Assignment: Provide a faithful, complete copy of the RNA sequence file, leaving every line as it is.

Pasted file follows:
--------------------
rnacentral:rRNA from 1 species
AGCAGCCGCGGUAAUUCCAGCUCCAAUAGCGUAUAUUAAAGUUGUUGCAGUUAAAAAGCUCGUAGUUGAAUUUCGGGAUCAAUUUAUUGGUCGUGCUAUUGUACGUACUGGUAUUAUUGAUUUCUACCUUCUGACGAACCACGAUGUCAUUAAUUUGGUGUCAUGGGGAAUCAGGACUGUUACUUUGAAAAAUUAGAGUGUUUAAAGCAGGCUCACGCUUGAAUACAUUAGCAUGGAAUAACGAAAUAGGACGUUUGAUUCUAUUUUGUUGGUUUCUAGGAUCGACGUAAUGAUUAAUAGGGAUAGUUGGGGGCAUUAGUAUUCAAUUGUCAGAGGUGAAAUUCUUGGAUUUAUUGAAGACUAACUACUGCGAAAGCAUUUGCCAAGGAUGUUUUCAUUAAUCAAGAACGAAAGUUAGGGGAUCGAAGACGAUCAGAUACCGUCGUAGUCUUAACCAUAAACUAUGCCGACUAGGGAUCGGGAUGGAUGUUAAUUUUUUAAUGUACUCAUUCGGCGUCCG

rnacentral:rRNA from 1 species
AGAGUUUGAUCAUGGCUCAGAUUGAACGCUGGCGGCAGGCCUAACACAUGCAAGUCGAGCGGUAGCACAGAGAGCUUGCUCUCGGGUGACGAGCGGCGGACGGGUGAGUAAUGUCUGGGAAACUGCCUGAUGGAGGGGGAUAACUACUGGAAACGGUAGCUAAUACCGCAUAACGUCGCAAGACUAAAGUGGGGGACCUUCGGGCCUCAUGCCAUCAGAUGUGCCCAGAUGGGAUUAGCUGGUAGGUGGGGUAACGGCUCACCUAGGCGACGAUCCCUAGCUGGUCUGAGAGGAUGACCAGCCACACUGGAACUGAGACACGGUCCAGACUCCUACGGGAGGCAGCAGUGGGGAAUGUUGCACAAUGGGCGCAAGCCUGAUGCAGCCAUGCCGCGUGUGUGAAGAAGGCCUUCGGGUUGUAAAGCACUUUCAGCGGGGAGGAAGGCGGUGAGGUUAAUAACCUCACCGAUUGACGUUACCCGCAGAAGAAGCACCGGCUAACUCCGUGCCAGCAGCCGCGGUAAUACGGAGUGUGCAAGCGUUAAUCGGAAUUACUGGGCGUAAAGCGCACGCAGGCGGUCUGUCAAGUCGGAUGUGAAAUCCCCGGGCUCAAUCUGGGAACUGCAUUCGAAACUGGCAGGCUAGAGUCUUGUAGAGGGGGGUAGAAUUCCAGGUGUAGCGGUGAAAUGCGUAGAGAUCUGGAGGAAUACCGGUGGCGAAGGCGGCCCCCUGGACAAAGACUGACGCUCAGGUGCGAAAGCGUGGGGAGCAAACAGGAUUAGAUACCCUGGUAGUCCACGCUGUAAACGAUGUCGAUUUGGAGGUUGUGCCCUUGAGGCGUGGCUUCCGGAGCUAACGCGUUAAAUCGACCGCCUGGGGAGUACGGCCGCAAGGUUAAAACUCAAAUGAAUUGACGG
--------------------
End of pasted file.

rnacentral:rRNA from 1 species
AGCAGCCGCGGUAAUUCCAGCUCCAAUAGCGUAUAUUAAAGUUGUUGCAGUUAAAAAGCUCGUAGUUGAAUUUCGGGAUCAAUUUAUUGGUCGUGCUAUUGUACGUACUGGUAUUAUUGAUUUCUACCUUCUGACGAACCACGAUGUCAUUAAUUUGGUGUCAUGGGGAAUCAGGACUGUUACUUUGAAAAAUUAGAGUGUUUAAAGCAGGCUCACGCUUGAAUACAUUAGCAUGGAAUAACGAAAUAGGACGUUUGAUUCUAUUUUGUUGGUUUCUAGGAUCGACGUAAUGAUUAAUAGGGAUAGUUGGGGGCAUUAGUAUUCAAUUGUCAGAGGUGAAAUUCUUGGAUUUAUUGAAGACUAACUACUGCGAAAGCAUUUGCCAAGGAUGUUUUCAUUAAUCAAGAACGAAAGUUAGGGGAUCGAAGACGAUCAGAUACCGUCGUAGUCUUAACCAUAAACUAUGCCGACUAGGGAUCGGGAUGGAUGUUAAUUUUUUAAUGUACUCAUUCGGCGUCCG

rnacentral:rRNA from 1 species
AGAGUUUGAUCAUGGCUCAGAUUGAACGCUGGCGGCAGGCCUAACACAUGCAAGUCGAGCGGUAGCACAGAGAGCUUGCUCUCGGGUGACGAGCGGCGGACGGGUGAGUAAUGUCUGGGAAACUGCCUGAUGGAGGGGGAUAACUACUGGAAACGGUAGCUAAUACCGCAUAACGUCGCAAGACUAAAGUGGGGGACCUUCGGGCCUCAUGCCAUCAGAUGUGCCCAGAUGGGAUUAGCUGGUAGGUGGGGUAACGGCUCACCUAGGCGACGAUCCCUAGCUGGUCUGAGAGGAUGACCAGCCACACUGGAACUGAGACACGGUCCAGACUCCUACGGGAGGCAGCAGUGGGGAAUGUUGCACAAUGGGCGCAAGCCUGAUGCAGCCAUGCCGCGUGUGUGAAGAAGGCCUUCGGGUUGUAAAGCACUUUCAGCGGGGAGGAAGGCGGUGAGGUUAAUAACCUCACCGAUUGACGUUACCCGCAGAAGAAGCACCGGCUAACUCCGUGCCAGCAGCCGCGGUAAUACGGAGUGUGCAAGCGUUAAUCGGAAUUACUGGGCGUAAAGCGCACGCAGGCGGUCUGUCAAGUCGGAUGUGAAAUCCCCGGGCUCAAUCUGGGAACUGCAUUCGAAACUGGCAGGCUAGAGUCUUGUAGAGGGGGGUAGAAUUCCAGGUGUAGCGGUGAAAUGCGUAGAGAUCUGGAGGAAUACCGGUGGCGAAGGCGGCCCCCUGGACAAAGACUGACGCUCAGGUGCGAAAGCGUGGGGAGCAAACAGGAUUAGAUACCCUGGUAGUCCACGCUGUAAACGAUGUCGAUUUGGAGGUUGUGCCCUUGAGGCGUGGCUUCCGGAGCUAACGCGUUAAAUCGACCGCCUGGGGAGUACGGCCGCAAGGUUAAAACUCAAAUGAAUUGACGG